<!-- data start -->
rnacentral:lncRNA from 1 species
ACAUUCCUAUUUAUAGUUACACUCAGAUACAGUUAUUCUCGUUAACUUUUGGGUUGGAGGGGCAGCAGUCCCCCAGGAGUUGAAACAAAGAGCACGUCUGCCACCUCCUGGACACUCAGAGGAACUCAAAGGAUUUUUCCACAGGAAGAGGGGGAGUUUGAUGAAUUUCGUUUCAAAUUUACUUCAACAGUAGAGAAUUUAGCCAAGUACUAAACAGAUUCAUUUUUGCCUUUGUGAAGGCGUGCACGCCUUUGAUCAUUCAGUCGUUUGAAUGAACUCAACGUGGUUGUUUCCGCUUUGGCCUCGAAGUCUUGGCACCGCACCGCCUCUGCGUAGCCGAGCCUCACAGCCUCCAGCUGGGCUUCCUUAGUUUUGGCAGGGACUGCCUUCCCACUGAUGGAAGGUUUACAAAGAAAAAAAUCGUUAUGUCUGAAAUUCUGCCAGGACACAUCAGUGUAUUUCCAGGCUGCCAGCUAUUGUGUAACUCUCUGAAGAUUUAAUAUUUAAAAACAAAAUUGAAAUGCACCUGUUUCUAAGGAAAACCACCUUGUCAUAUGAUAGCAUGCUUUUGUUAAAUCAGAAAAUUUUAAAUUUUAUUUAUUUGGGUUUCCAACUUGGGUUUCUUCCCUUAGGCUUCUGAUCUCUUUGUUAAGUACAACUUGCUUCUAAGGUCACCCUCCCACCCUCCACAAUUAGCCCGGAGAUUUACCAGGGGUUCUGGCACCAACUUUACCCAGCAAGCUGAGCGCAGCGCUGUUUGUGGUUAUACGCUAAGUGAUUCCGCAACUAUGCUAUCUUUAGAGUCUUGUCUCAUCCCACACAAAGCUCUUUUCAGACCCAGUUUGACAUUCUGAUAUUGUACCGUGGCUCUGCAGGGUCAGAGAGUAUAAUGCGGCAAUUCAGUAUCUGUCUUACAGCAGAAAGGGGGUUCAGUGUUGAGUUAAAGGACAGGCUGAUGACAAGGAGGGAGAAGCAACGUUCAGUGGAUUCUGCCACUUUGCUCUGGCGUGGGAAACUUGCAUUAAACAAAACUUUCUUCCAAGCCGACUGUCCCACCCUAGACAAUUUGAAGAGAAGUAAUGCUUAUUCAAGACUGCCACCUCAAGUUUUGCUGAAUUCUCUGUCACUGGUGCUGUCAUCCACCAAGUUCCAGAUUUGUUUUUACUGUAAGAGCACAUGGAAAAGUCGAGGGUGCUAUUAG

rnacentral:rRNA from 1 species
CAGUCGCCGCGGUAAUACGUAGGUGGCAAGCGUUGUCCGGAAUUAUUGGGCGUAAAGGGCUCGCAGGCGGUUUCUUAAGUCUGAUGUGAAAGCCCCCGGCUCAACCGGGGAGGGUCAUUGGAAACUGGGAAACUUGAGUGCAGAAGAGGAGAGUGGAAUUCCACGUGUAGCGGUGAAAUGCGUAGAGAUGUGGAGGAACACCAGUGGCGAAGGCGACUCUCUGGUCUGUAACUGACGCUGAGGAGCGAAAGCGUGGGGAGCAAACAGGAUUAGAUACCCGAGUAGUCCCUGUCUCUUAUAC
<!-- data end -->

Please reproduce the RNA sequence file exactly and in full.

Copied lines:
rnacentral:lncRNA from 1 species
ACAUUCCUAUUUAUAGUUACACUCAGAUACAGUUAUUCUCGUUAACUUUUGGGUUGGAGGGGCAGCAGUCCCCCAGGAGUUGAAACAAAGAGCACGUCUGCCACCUCCUGGACACUCAGAGGAACUCAAAGGAUUUUUCCACAGGAAGAGGGGGAGUUUGAUGAAUUUCGUUUCAAAUUUACUUCAACAGUAGAGAAUUUAGCCAAGUACUAAACAGAUUCAUUUUUGCCUUUGUGAAGGCGUGCACGCCUUUGAUCAUUCAGUCGUUUGAAUGAACUCAACGUGGUUGUUUCCGCUUUGGCCUCGAAGUCUUGGCACCGCACCGCCUCUGCGUAGCCGAGCCUCACAGCCUCCAGCUGGGCUUCCUUAGUUUUGGCAGGGACUGCCUUCCCACUGAUGGAAGGUUUACAAAGAAAAAAAUCGUUAUGUCUGAAAUUCUGCCAGGACACAUCAGUGUAUUUCCAGGCUGCCAGCUAUUGUGUAACUCUCUGAAGAUUUAAUAUUUAAAAACAAAAUUGAAAUGCACCUGUUUCUAAGGAAAACCACCUUGUCAUAUGAUAGCAUGCUUUUGUUAAAUCAGAAAAUUUUAAAUUUUAUUUAUUUGGGUUUCCAACUUGGGUUUCUUCCCUUAGGCUUCUGAUCUCUUUGUUAAGUACAACUUGCUUCUAAGGUCACCCUCCCACCCUCCACAAUUAGCCCGGAGAUUUACCAGGGGUUCUGGCACCAACUUUACCCAGCAAGCUGAGCGCAGCGCUGUUUGUGGUUAUACGCUAAGUGAUUCCGCAACUAUGCUAUCUUUAGAGUCUUGUCUCAUCCCACACAAAGCUCUUUUCAGACCCAGUUUGACAUUCUGAUAUUGUACCGUGGCUCUGCAGGGUCAGAGAGUAUAAUGCGGCAAUUCAGUAUCUGUCUUACAGCAGAAAGGGGGUUCAGUGUUGAGUUAAAGGACAGGCUGAUGACAAGGAGGGAGAAGCAACGUUCAGUGGAUUCUGCCACUUUGCUCUGGCGUGGGAAACUUGCAUUAAACAAAACUUUCUUCCAAGCCGACUGUCCCACCCUAGACAAUUUGAAGAGAAGUAAUGCUUAUUCAAGACUGCCACCUCAAGUUUUGCUGAAUUCUCUGUCACUGGUGCUGUCAUCCACCAAGUUCCAGAUUUGUUUUUACUGUAAGAGCACAUGGAAAAGUCGAGGGUGCUAUUAG

rnacentral:rRNA from 1 species
CAGUCGCCGCGGUAAUACGUAGGUGGCAAGCGUUGUCCGGAAUUAUUGGGCGUAAAGGGCUCGCAGGCGGUUUCUUAAGUCUGAUGUGAAAGCCCCCGGCUCAACCGGGGAGGGUCAUUGGAAACUGGGAAACUUGAGUGCAGAAGAGGAGAGUGGAAUUCCACGUGUAGCGGUGAAAUGCGUAGAGAUGUGGAGGAACACCAGUGGCGAAGGCGACUCUCUGGUCUGUAACUGACGCUGAGGAGCGAAAGCGUGGGGAGCAAACAGGAUUAGAUACCCGAGUAGUCCCUGUCUCUUAUAC